55 million years ago, small hoofed carnivores started to move from the land back into the sea. Legs became fins and tails, and bodies became longer and more streamlined. DNA evidence now shows us that whales have nothing to do with other waterborne meat-eaters like seals and walruses; their closest living relative is the vegetarian hippo, with deer, camels and pigs as very distant cousins.
The blue whale is the largest animal that has ever lived - 30 times heavier than an African elephant, the next largest mammal. The biggest dinosaur weighed less than half as much: some female blue whales lose that 50 tons when feeding their young. A newborn blue whale is the same weight as a female elephant: it puts on 14 stone a day, 8 lbs an hour. When fully grown, it’s heart is the same size as a family car, processing 2,000 gallons of blood, pumping 60 gallons a beat, with an aorta large enough for a five year old child to swim through.
Whales grew large because the buoyancy of water meant they could – nothing so heavy could survive on land, the energy needed to move and feed would be too great. But for a warm-blooded animal living in the sea is problematic: it’s a desert – there’s nothing to drink. And it’s cold: heat travels 24 times faster in water. Being large helps, as it reduces the surface-to-weight ratio, but the real star of whale survival is blubber. It not only acts as an insulating overcoat and lifejacket (it’s less dense than sea water); it is also stores the water extracted from food and provides a handy on-board supply of nutrients when food is scarce.
The whale is endangered, while the ant continues to do just fine.
Since 1992, hydrophones (microphones on the seabed) have tracked a mystery whale in the northeast Pacific singing in a far higher register than normal (52 Hertz). It’s thought to be a blue whale or a fin whale but no one’s ever seen it. As no whale has ever replied, it’s said to be the loneliest whale in the world. Its strange song and the lack of response may be because it’s a hybrid of two species. Or it could be deaf.
Whale song is the loudest noise made by any single animal, and the most complex call in the Animal Kingdom. Some calls are so low in frequency they can be felt thousands of miles away. (Sound travels four times faster through water than through air.) Whales sing in different dialects depending on where they’re from, sing different songs in different places at different times of the year and never repeat the same song twice. Beluga whales are known as ‘sea canaries’ because of the wide range of whistles, clicks and pulses they produce.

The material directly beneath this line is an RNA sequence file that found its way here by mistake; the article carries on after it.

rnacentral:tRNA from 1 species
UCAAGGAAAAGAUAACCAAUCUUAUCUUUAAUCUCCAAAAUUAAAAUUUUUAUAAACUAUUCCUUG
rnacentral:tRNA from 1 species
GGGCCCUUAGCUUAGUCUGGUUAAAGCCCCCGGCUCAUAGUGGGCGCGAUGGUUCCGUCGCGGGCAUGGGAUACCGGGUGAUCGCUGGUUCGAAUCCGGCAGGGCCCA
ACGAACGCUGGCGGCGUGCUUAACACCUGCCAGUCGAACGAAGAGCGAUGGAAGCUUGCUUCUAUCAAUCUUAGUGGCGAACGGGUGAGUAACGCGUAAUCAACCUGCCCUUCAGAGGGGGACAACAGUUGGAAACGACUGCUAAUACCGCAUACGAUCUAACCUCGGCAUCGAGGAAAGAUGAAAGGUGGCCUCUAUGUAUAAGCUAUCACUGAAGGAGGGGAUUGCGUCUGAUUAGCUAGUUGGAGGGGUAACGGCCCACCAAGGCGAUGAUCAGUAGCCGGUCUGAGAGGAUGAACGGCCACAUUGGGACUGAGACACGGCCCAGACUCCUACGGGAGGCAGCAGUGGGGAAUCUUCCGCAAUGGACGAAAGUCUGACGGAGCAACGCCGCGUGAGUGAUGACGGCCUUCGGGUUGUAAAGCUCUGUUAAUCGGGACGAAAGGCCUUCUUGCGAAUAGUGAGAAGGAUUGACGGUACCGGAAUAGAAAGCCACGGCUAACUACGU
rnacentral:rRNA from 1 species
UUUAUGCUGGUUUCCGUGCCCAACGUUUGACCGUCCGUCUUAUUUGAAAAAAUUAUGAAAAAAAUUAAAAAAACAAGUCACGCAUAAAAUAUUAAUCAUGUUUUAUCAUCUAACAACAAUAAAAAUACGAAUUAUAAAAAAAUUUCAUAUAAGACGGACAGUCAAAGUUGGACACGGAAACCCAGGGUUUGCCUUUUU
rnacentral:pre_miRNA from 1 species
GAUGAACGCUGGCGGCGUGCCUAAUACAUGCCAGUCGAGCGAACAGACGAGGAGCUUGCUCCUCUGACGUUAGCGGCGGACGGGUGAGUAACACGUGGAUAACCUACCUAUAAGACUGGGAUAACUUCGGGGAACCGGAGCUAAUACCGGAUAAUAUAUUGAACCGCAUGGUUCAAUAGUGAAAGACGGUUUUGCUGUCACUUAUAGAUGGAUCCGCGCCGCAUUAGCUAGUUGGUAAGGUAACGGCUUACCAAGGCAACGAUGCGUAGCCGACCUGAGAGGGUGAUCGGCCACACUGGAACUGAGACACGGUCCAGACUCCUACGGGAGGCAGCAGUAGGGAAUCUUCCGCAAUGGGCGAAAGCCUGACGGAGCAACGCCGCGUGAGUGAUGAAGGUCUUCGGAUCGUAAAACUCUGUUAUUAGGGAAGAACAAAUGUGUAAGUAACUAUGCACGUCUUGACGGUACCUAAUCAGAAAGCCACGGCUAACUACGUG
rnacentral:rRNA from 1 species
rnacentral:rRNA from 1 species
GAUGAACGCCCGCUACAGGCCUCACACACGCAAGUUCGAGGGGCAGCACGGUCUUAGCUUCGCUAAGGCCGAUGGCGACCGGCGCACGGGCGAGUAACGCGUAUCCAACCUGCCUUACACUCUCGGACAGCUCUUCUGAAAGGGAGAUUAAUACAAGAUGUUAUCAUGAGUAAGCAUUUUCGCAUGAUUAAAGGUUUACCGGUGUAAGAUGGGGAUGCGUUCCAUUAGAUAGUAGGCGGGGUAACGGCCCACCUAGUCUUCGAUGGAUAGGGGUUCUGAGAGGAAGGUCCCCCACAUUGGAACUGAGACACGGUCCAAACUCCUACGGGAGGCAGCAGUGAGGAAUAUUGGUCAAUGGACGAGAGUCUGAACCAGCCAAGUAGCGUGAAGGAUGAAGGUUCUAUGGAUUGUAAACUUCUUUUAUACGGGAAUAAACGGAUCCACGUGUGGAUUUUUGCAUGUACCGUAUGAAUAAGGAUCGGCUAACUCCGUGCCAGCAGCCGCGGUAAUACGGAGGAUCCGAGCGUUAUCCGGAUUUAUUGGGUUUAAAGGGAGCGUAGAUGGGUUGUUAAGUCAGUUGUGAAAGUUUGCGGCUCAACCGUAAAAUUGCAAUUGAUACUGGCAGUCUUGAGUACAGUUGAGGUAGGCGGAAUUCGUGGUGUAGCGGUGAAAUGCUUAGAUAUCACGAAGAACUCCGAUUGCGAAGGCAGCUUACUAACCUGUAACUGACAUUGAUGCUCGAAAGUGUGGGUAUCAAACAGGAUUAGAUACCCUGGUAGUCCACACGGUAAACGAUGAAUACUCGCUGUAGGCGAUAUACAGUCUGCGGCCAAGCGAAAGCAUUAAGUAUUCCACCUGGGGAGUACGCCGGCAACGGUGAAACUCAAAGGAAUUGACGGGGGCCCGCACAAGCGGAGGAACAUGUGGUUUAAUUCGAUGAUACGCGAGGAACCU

Consider the whale: It never gets into trouble until it comes up and starts spouting.
All whales are born backwards so they don't drown while they're coming out.
Humpback whales can die from infestations of pubic lice. The lice are passed on during sexual contact and hide alongside barnacles that grow around the whale's genital slit. Normally the humpbacks can remove the lice by jumping out of the water and splashing down, but if they are incapacitated in some way, the lice can take over the whale's whole body. If this happens, it's only a matter of time before he's orca-lunch.
Humpback whales migrate the longest distance of any mammal. Researchers tracked whales 5,100 miles from Costa Rica to Antarctica; they can recognise the whales by their flukes – their tail fins – which have a unique pattern like human fingerprints. They hunt by a technique known as bubble net feeding: a group of whales swims in a shrinking circle blowing bubbles below a school of prey. The shoal is confined in an ever-smaller cylinder. The whales then suddenly swim upward through the 'net', mouths agape, swallowing thousands of fish in one gulp.
Many animals can catch influenza and some have the potential to spread it to humans. As well as birds and swine, horses, dogs and cats can also conceivably transmit the virus to humans; so can marine mammals such as seals and whales. Scientists worry about 'flu crossing species because a virus can emerge which has a new genetic code. Our immune system can struggle to overcome the new version.